New Jersey Governor Vetoes Bill Meant to Restore Family Planning Funding
Once again, New Jersey Governor Chris Christie has vetoed a bill that would have restored family planning funds in the state. Last week the State Senate approved a bill, S-788, that would have restored nearly $7.5 million in family planning funding. Christie said he defunded family planning services two years ago for budget reasons, but critics have said Christie's decision was motivated by his anti-abortion stance. This bill would have funded the services through the Fiscal Year 2012 budget surplus, which is approximately $524 million.
"For two years, the Governor was able to hide behind the guise of fiscal prudence when vetoing this legislation," said Assemblywomen Bonnie Watson Coleman, the lead Assembly sponsor of the bill. "Given his rosy revenue projections for this year, there's no reason why he should excise this funding when it provides such critical services [to] women and low-income families. By continuing to make them the sacrificial lambs of his budget priorities, he's playing games with people's lives. These health centers provide important, life-saving services to those who would otherwise not have access to them. Since he first eliminated this funding, we've seen demonstrable drops in services."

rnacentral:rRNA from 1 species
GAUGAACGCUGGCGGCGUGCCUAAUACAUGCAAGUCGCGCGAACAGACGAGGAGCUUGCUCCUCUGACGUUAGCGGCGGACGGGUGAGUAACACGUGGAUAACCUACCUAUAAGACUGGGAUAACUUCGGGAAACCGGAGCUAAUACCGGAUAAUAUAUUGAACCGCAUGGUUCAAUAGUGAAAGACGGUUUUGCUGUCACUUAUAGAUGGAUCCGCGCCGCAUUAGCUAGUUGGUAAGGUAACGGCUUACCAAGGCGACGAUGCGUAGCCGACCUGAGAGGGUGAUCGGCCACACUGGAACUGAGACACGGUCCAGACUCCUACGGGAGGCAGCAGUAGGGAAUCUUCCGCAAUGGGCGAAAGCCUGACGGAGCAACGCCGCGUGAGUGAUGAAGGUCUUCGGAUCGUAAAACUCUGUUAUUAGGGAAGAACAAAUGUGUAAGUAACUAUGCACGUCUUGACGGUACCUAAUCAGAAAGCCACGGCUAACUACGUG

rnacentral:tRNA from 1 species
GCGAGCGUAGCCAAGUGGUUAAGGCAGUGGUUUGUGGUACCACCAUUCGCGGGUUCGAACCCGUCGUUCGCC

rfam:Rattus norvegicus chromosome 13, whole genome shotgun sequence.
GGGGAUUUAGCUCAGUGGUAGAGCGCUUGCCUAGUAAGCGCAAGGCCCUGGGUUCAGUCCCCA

Besides restoring the funding, the bill would have also required the state to file for a State Medicaid Plan Amendment, thereby expanding Medicaid funding of family planning services for those who meet income requirements. Multiple clinics in NJ have closed as a result of Christie's refusal to fund family planning.
3/7/2014 Study Finds Continuing Gender Gap in Medical Research - Although 20 years have passed since the government instituted legislation requiring adequate female representation in medical studies, a recent study finds that a significant sex and gender gap still persists in medical research.
"Sex-Specific Medical Research: Why Women's Health Can't Wait" by researchers at the Connors Center for Women's Health and Gender Biology at Brigham and Women's Hospital and the Jacobs Institute at George Washington University Hospital finds that scientists still fail to account for differences between males and females. . . .